We’ve all heard about employees who are unhappy with the leader or manager who is “cold” or “not warm and fuzzy.” Many times our first thought is: if the leader or manager is competent and getting the job done, isn’t it enough for him or her to be polite and not unpleasant?
Unfortunately, the answer is often “no.” Why? I’m not sure. But we live in a culture (at least in the Pacific Northwest) where niceness is highly valued, where the boss is expected to care about his or her subordinates as people, and where people are quick to be offended or hurt. Television portrayals of bosses don’t help: they may be jerks, but at some level they’re still a member of the workplace gang.
So if our leaders need to be “warm and fuzzy,” how do those who just aren’t that way become friendlier without seeming false and forced? Here are some suggestions.
First, the leader or manager needs to accept that it is part of his or her job to relate in a warm, friendly manner with subordinates and that it will make a difference in their effectiveness. This is the hardest part because many complain, perhaps with some legitimacy, that these qualities shouldn’t be a requirement. Acceptance is also the key part – with it, the rest will follow.
The next step is for the leader or manager to determine how they act with people they like. Do they smile? Ask interested questions? Take the time to relax and listen attentively? It’s important to be specific.
Third, they’ll want to figure out when and where they can exercise these behaviors with others in the workplace. Being friendly at a time and place where a number of employees will observe the friendliness, even if it isn’t directed toward them, is one possibility. For example, a walk through the cafeteria or getting in the same coffee line as employees are good times and places to chat with employees. Another possibility is to attend meetings where subordinates will be — and actually talk to them. If the manager already attends these meetings, he or she can use the opportunity to engage.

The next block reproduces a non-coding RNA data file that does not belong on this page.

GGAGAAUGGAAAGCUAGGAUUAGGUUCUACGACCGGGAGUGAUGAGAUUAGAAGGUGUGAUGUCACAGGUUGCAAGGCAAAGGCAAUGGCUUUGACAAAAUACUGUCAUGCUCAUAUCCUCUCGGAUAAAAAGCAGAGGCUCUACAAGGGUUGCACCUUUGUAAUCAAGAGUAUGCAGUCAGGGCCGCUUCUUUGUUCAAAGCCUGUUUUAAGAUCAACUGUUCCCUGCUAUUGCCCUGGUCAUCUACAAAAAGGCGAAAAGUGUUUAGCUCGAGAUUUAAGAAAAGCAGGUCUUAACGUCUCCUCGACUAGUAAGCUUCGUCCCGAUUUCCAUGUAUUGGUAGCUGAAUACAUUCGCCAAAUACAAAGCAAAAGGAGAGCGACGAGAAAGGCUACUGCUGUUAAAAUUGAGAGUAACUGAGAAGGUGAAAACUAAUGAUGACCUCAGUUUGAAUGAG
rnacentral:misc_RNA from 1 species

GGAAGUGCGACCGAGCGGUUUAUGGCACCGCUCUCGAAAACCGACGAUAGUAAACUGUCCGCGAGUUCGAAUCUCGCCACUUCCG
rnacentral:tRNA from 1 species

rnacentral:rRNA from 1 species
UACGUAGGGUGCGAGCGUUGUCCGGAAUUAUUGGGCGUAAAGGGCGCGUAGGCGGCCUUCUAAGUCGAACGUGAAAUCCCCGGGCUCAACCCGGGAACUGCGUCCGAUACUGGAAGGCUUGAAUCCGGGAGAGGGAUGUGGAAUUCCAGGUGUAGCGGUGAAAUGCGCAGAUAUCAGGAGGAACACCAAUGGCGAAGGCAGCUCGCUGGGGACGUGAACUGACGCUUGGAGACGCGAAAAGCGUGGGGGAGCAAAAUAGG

Even a sincere hello in the hall goes surprisingly far. I talked about this in an earlier post, “Just Say Hello.” It matters.
Finally, while an “open door policy” is good, it won’t accomplish anything if the leader or manager is not welcoming when people walk through that door. A friendly, attentive manner is essential when employees come into the office — to talk, complain, drop something off, whatever. The word will get out.
Any other ideas for increasing a leader’s or manager’s “warm and fuzzy” quotient? ~Amy Stephson